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Five Things You should know about Certificate of Deposits (CDs)

Tropical Financial Credit Union
By Tropical Financial Credit Union - April 16, 2024

When deciding where to put your savings, consider opening a federally insured certificate of deposit, or CD. Most accounts have a fixed term and fixed rate, and they often pay more interest than a savings or money market account. Your original deposit, called the principal, is safe because you will receive all of that money when the CD matures, up to federal insurance limits. Tropical Financial offers CDs with a variety of terms and rates.  

The minimum deposit to open a CD can be small, as little as $500. The interest can accumulate in the account or be paid out on a regular basis such as quarterly or semi-annually. 

Unlike a savings account, your money is tied up in a CD. If you want to withdraw part or all of your funds before maturity, you should expect to pay a penalty that can include part of the principal. The amount can vary with the CD term, typically higher the longer the term. 

Which CD maturity is right for you? The answer depends largely on when you think you will need the money. Let’s say you plan to purchase an SUV in the next year. You want to make sure that the down payment keeps all of its dollar value because you will need every dollar when it is time to buy. You also want to have access to the funds when you find the right vehicle. Therefore, you would want a CD that matures in one year or less.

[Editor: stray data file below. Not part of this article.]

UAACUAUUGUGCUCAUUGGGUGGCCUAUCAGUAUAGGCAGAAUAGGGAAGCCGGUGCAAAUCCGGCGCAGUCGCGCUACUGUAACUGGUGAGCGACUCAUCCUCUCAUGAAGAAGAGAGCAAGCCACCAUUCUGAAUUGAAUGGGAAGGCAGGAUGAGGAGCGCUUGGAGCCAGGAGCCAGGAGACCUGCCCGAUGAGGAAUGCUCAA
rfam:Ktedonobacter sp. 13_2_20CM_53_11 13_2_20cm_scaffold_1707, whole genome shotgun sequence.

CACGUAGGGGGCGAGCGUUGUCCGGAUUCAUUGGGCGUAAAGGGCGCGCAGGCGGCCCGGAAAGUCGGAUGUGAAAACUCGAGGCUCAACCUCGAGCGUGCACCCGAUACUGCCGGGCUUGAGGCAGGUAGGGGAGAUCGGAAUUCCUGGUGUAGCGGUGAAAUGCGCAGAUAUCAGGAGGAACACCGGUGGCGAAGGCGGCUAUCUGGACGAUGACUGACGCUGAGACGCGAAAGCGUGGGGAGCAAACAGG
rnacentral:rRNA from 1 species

But let’s say you are saving for a new home and do not plan to move for a long while. Then, you would want to consider a term between two and five years. You will earn interest the entire time, and your principal and interest will be safe up to deposit insurance limits.


Here are five points to consider when deciding on whether to invest your money in a CD: 

  • CD yields typically increase with the length of the term. To increase your interest earnings, look for longer terms. However, compare the returns on maturities slightly shorter or slightly longer. You may find that they pay more. 
  • When interest rates are high, you can lock in those better returns with a CD. Even when rates go back down, your CD yield will stay the same until maturity.
  • Putting your money in a CD has advantages over savings and money market accounts. Their yields can change at any time. When interest rates fall, you can expect that your savings or money market account rate will fall, too, paying you less in interest.
  • CDs have no fees. Unlike some other investments, there are no charges based on your balance or earnings.
  • At Tropical Financial, your CD principal and interest are federally insured up to $250,000 per account by the National Credit Union Administration. 

To learn more about CDs at Tropical Financial, visit Tropicalfcu.com. 

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The content reflects the view of the author of the article and does not necessarily reflect the views of Tropical Financial Credit Union or its employees.
We do not guarantee the accuracy or completeness of the information presented in the article.